Roubini NBR Interview on 0 Percent Interest Rate
SUSIE GHARIB: Joining us now with more analysis about today’s Fed decision, noted economist Nouriel Roubini, chairman of Roubini Global Economics. How Nouriel. How are you doing?
NOURIEL ROUBINI, CHAIRMAN, ROUBINI GLOBAL ECONOMICS: Very well. Hi. Good being with you.
GHARIB: Good. Let me just start off by asking you, do you think the Fed is doing the right thing by keeping interest rates so low, at 0 percent?
ROUBINI: Well, yes, in the sense that the economy is still very weak and the recovery is anemic. Unemployment is going to be remaining high. There are more downsides rather than upside risks. So I expect the Fed’s going to keep the Fed funds rate at zero through the middle of next year. And they might even do more quantitative easing. Even today, they signaled they may end that program at the end of March. If there was a backup in mortgage rates and that’s something you cannot exclude, the last thing you can afford in an election year is a sharp increase in mortgage rates when construction activity is still very weak. So I expect more easy money (INAUDIBLE).
GHARIB: Well, putting the political aspect of this aside, you heard in our reporting that the one policy maker, Tom Hoenig, voted against keeping interest rates low. He says that it increases risks to the financial stability. In your view, what does that mean? What are the risks?
ROUBINI: Well, on one side we need lower rates because the recovery of the real economy is still very anemic. On the other side, by keeping rates so low, we’re planting the seeds of the next asset bubble, because easy money means a (INAUDIBLE) rough trading, dollar funded (INAUDIBLE) trades, and a lot of increasing asset prices U.S. and globally looks like now the beginning of another asset bubble that might lead to further financial instability. So we are between a rock and a hard place, because we need zero rates for the real economy, and we have (ph) to tighten sooner rather than later to avoid another bout of financial instability.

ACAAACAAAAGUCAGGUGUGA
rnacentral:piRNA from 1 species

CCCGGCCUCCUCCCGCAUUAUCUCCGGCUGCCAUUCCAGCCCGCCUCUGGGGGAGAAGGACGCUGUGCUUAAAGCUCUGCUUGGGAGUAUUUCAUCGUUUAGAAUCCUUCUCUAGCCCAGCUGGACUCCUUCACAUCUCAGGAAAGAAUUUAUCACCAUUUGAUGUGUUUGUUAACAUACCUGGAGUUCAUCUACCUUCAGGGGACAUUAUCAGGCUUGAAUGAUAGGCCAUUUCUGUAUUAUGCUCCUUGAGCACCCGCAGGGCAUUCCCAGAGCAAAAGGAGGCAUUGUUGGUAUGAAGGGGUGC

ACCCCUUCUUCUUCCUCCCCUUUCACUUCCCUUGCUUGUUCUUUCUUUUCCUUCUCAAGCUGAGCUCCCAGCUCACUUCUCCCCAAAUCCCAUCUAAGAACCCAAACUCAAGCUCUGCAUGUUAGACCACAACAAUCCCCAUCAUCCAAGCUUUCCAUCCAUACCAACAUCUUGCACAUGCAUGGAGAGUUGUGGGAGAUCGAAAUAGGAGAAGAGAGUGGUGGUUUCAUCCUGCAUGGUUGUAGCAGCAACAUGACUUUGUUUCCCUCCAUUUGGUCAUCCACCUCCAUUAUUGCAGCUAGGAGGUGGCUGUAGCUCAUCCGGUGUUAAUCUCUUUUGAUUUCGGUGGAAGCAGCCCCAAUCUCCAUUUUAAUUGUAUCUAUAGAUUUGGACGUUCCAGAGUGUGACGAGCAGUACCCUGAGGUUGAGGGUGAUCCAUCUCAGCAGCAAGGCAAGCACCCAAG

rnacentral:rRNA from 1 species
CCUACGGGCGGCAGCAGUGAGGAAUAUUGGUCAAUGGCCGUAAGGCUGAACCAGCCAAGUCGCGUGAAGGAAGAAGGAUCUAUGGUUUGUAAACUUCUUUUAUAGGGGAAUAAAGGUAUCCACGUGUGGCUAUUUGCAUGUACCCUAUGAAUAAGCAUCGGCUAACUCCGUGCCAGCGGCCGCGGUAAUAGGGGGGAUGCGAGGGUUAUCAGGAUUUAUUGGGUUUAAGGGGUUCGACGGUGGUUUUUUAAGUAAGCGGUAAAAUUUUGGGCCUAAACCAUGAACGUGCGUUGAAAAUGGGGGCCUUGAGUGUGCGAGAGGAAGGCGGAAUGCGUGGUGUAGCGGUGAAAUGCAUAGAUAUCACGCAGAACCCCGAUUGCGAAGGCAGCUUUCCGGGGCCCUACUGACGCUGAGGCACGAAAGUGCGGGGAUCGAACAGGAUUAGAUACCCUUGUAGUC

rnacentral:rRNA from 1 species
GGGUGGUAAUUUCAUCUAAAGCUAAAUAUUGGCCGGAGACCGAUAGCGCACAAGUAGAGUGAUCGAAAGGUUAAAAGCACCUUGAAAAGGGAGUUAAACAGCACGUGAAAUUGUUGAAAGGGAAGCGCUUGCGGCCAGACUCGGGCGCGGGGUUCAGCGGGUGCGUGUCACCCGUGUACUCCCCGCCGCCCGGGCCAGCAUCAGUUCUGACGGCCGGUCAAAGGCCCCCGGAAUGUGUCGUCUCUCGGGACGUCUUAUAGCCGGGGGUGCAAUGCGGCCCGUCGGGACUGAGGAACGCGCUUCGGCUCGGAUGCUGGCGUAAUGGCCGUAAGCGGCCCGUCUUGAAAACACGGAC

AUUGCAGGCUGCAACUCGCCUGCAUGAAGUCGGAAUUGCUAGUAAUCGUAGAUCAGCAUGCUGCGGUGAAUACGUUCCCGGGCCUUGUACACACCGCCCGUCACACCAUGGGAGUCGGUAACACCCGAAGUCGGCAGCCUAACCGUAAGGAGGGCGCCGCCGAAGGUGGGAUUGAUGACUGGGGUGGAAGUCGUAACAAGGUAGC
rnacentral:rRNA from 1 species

GHARIB: You heard our report just a moment ago about the debate over whether the next bubble might be a bond bubble in the bond market. What is your view on that?
ROUBINI: Well, for the time being, I expect that long-term bond yields in the U.S. are going to remain low because growth is going to be weak. You’ll have deflation. You’ll have bouts of risk aversion. The Fed is committed to keep zero rates. The Fed might do more QE. The rest of the world is buying and accumulating (ph) reserves to the rate of $1 trillion annualized to prevent their currency from appreciating. That’s going to U.S. Treasury, and for the first time in a decade, we have some domestic financing of the U.S. fiscal deficit because savings have gone up, so we don’t depend on the kindness of strangers. Given all that, I don’t expect (INAUDIBLE) bond yields to spike for the time being, but if after the election, we’re a divided government, we have (ph) run-away fiscal deficit (INAUDIBLE) monetize them, then at some point even in the U.S., the bond market vigilantes may wake up the way they did in Greece and UK, around Europe and then you could have a spike in rates. That’s a 2011 story, not this year.
GHARIB: Let me get a little more of your view on the economy. You said it was anemic. In the Federal’s policy statement, they said that the job market is stabilizing, business spending has risen significantly, but that new housing construction is at a depressed level. So what is basically the view of the economy? How is it really doing?
ROUBINI: Well, in my view, the recovery is going to be extremely anemic because consumers have to save more to deleverage, therefore consumption growth is going to be anemic, with a glut of capacity, and therefore spending is going to be anemic. Real estate and commercial real estate are still in a major slump. Given the glut of capacity, there is still some evidence of a credit crunch. And there is talking of inventories in the fiscal stimulus going to disappear by the second half of the year. So I expect that while the first half might be growth closer to 3 percent. But the second, we can go back to 1.5 percent growth, which is well below potential.
GHARIB: How about negative growth because you have been warning about the economy slipping back into recession. Are you less worried about that?
ROUBINI: Well, you know, my basic scenario is a U-shaped anemic recovery. There is a downside risk of a double-digit recession, low probability, but if growth is going to be only 1.5 percent, it is going to feel like a recession, even if we’re technically not in a recession.
GHARIB: OK, we’re going to have to leave it there. Nouriel Roubini, thank you so much for coming on our program.
ROUBINI: A pleasure.
GHARIB: My guest tonight, Nouriel Roubini, chairman of Roubini Global Economics.
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One Response to “Roubini NBR Interview on 0 Percent Interest Rate”
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